Tag Archives: State Department

Settled: Rex T called Trump a ‘moron’

Secretary of State Rex Tillerson has been given more chances than he likely cares to count to take back a news report that he called Donald John Trump a “bleeping moron.”

Tillerson keeps clamming up. He did it again today on CNN’s “State of the Union.” He won’t engage in “petty” matters. Let’s move on, Tillerson said.

OK, then. The more he refuses to take back what NBC News reported he said the more it becomes clear: Tillerson called the president a “moron.”

The men reportedly have a testy relationship, which is a difficult circumstance, given the state of the world these days. North Korea is threatening to blow up South Korea; the Middle East remains a powder keg with several fuses lit; those pesky Russians keep hacking into other countries’ electoral systems, just as they did ours in 2016.

Tillerson made some appearances today on the news talk shows to say he’s still on the job, he’s still offering Trump his opinions on this and that, and that he intends to keep serving the president.

My question always arises when Donald Trump is involved: How much longer can someone like Tillerson, himself a big-time business mogul before entering public service, continue to work at the pleasure of someone who doesn’t have a clue about how to govern the world’s greatest nation?

Tillerson has exactly distinguished himself as secretary of state. Then again, he hasn’t been given a chance to put his stamp on the nation’s diplomatic strategy. The chaos continues within the Trump administration — and it’s all a direct reflection of the man who calls the shots.

As Sen. Bob Corker, R-Tenn., points out so, um, graphically: You can’t “publicly castrate” a secretary of state. Tillerson insists that he remains “fully intact.”

We’ll see.

Who likes being called a ‘moron’?

I hereby intend to give Donald J. Trump the benefit of the doubt.

It’s a slight benefit. It’s not huge. I’ll give it to him nevertheless.

The president of the United States seems destined to part company with Secretary of State Rex Tillerson. The two men haven’t meshed. They didn’t know each other before Trump picked Tillerson to become the nation’s top diplomat.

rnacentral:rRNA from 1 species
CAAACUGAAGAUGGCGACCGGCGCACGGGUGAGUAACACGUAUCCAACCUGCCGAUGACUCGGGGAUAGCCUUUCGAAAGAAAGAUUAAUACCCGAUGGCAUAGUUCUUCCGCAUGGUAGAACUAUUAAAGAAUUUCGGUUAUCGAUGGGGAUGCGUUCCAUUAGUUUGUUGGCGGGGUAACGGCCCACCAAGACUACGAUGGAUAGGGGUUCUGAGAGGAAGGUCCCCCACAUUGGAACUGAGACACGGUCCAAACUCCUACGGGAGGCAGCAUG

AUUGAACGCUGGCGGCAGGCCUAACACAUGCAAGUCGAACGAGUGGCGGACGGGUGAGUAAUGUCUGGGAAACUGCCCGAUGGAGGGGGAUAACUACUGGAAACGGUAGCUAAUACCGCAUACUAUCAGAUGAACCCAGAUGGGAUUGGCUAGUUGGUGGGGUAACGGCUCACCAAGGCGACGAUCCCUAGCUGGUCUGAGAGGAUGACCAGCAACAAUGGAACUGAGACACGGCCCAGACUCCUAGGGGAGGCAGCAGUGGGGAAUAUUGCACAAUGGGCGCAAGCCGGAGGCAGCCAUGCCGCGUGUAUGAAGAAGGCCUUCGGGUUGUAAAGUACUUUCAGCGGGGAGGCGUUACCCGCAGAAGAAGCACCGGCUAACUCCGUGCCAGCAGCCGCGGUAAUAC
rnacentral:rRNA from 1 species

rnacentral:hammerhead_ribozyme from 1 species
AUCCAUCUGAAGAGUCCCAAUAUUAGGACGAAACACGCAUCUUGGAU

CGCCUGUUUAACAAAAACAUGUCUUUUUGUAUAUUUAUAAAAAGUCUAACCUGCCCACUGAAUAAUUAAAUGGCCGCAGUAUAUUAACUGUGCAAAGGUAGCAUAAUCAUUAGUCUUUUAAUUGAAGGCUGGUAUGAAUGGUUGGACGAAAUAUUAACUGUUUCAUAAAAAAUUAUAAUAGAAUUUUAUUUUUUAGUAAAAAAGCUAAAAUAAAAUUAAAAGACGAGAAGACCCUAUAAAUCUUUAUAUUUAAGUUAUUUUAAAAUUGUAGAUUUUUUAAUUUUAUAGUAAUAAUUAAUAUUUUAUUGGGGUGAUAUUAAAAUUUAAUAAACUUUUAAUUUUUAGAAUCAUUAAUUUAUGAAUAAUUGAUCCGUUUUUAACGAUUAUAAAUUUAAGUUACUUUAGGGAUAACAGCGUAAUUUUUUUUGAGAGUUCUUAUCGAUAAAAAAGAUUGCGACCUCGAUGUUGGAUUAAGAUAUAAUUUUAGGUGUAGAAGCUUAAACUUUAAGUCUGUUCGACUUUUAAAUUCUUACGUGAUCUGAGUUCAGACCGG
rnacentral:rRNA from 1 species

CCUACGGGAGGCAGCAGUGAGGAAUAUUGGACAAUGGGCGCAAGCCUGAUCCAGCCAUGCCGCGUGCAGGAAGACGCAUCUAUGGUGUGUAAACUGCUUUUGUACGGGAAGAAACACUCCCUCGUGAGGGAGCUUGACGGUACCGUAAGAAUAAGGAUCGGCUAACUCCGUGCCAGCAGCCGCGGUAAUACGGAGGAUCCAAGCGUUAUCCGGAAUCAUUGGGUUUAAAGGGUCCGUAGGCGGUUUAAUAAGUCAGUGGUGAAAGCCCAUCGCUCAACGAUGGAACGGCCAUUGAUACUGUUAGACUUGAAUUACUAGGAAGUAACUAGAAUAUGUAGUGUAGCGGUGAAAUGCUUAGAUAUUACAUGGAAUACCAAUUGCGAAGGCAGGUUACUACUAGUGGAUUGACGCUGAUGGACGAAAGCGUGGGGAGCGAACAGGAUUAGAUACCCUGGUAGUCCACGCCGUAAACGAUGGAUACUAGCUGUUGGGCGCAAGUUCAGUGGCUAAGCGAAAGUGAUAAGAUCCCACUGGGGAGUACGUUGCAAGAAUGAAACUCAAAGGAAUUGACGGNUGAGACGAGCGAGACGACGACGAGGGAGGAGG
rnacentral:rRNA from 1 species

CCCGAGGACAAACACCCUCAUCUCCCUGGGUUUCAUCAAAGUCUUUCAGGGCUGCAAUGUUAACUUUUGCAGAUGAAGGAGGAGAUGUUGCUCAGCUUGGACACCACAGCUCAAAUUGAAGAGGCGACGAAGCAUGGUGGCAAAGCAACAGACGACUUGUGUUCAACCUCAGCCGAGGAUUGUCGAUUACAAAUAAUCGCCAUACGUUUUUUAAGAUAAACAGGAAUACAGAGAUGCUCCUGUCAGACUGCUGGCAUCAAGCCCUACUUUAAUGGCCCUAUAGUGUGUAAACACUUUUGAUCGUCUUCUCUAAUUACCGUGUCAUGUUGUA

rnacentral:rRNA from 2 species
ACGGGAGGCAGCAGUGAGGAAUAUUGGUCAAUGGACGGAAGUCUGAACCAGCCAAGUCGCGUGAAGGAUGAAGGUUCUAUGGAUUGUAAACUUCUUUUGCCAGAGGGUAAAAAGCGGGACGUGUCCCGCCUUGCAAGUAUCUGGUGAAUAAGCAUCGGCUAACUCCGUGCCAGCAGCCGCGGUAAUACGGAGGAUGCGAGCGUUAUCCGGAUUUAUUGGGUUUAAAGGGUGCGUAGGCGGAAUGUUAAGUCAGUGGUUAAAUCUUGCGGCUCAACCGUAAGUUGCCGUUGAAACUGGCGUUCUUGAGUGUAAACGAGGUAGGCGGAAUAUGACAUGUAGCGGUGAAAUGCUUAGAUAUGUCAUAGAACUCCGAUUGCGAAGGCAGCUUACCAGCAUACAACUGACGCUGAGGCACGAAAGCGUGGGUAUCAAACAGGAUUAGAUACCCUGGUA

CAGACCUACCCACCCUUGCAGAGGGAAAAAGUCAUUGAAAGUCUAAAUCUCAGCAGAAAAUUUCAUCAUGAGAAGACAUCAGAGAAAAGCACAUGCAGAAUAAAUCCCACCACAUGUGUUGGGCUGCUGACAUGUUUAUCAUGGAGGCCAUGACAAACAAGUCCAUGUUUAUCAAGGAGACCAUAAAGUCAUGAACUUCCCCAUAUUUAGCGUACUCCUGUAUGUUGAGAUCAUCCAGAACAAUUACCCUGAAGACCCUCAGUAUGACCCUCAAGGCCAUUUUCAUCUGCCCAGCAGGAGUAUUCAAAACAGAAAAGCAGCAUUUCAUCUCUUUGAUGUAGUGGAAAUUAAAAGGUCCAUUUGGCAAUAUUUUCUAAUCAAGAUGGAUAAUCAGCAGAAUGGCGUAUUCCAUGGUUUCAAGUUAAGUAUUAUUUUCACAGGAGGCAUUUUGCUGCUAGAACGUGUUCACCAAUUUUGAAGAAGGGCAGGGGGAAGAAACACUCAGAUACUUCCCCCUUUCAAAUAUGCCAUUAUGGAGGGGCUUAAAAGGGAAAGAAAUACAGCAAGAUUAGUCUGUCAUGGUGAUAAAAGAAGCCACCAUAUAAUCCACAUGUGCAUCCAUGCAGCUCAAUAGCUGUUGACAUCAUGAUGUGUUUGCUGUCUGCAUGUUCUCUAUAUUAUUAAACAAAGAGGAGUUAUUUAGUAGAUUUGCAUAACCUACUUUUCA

If he fires Tillerson, I can understand why he would do such a thing. No one likes to be called a “moron,” which Tillerson reportedly did this summer in a meeting at the Pentagon.

I wouldn’t like being called such a thing. No one ever has called me a “moron,” at least to the best of my knowledge. I’ve had the pleasure of working with many colleagues over 37 years as a working stiff in daily journalism. Some or perhaps many of them might have thought of me as a moron; they never blurted it out loud as Tillerson did … allegedly.

Trump-Tillerson furor heats up

Have I worked for any morons? Oh, you bet I have. However, I’ve usually avoided saying it aloud to where the object of my scorn might hear about it. Trump certainly has heard about Tillerson’s insulting remark. He reportedly is furious with Tillerson.

Now, having said all this about Trump and giving him the benefit of the doubt, I need to comment briefly on the supreme irony contained in this tempest.

Trump has hurled many insults as a private business mogul and as a politician. They have been hurtful. They have caused pain. They have been vicious. They run counter to the Golden Rule that Scripture tells us to follow, the one about doing “unto others as you have them do unto you.”

The difference, though, is that Trump didn’t insult his bosses. He’s usually been the “boss” in private life and now, quite obviously, in this new job he occupies as head of state.

Still, I am thinking about the cliché we’ve often heard about “being able to dish it out but not being able to take it.” Still, no one — especially Donald Trump — likes being called a “moron,” even if the epithet contains more than a nugget of truth.

Now it’s Rex vs. the ‘Moron’

If you sit in the quietest room you can find, take very shallow breaths and don’t move a muscle, you just might be able to hear the “tick, tick, tick” of a clock.

It would be a device that is ticking down the time that Rex Tillerson has remaining as the country’s secretary of state.

The nation’s top diplomat reportedly thinks his boss, the president, is a “moron.” He said as much in a Pentagon meeting this past summer. He reportedly cannot fathom why Donald J. Trump says and does certain things.

Then, when given a chance today to disavow what NBC News has reported about the “moron” comment, he didn’t do so. He said only that he doesn’t discuss “petty things.” Tillerson said he won’t go there.

He made no denial. He didn’t declare that he believes the president is a genius. No. The “moron” comment stands.

How does any president of the United States — let alone one named Trump — handle this? How should he handle it?

If I were a betting man, I would guess that Rex Tillerson has just written his exit interview from the Department of State.

One can argue all day and half the night into whether Tillerson has done a good job at State. However, I feel quite confident that a lot of Americans way out here past the D.C. Beltway believe as he reportedly does about the president of the United States.

Tillerson takes high road on ‘moron’ question

Rex Tillerson seems to be well-suited to fill the role of America’s top diplomat.

The secretary of state today held a quickie news conference to dispel what had been reported about his alleged desire to quit his high office.

Then came a most interesting response to a direct question from one of the reporters present.

Did you call the president a “moron” earlier this year? came the question. That’s pretty direct, yes?

Tillerson, though, responded with a recitation of how he won’t get involved in “petty” topics. He said such pettiness is one of the problems with Washington, D.C. “I am not from here,” he said. So, he won’t concern himself with such a trivial question, Tillerson said.